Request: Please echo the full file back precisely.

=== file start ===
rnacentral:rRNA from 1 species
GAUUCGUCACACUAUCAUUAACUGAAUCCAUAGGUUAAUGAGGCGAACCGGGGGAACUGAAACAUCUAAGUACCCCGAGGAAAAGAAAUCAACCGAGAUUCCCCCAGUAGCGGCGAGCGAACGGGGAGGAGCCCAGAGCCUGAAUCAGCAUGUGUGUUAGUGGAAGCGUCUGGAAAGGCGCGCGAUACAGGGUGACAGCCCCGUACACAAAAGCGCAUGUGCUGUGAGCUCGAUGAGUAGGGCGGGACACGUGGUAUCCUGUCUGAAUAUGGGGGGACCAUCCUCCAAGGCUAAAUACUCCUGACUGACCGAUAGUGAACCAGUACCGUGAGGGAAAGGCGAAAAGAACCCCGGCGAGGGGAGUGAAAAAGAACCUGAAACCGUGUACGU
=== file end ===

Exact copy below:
rnacentral:rRNA from 1 species
GAUUCGUCACACUAUCAUUAACUGAAUCCAUAGGUUAAUGAGGCGAACCGGGGGAACUGAAACAUCUAAGUACCCCGAGGAAAAGAAAUCAACCGAGAUUCCCCCAGUAGCGGCGAGCGAACGGGGAGGAGCCCAGAGCCUGAAUCAGCAUGUGUGUUAGUGGAAGCGUCUGGAAAGGCGCGCGAUACAGGGUGACAGCCCCGUACACAAAAGCGCAUGUGCUGUGAGCUCGAUGAGUAGGGCGGGACACGUGGUAUCCUGUCUGAAUAUGGGGGGACCAUCCUCCAAGGCUAAAUACUCCUGACUGACCGAUAGUGAACCAGUACCGUGAGGGAAAGGCGAAAAGAACCCCGGCGAGGGGAGUGAAAAAGAACCUGAAACCGUGUACGU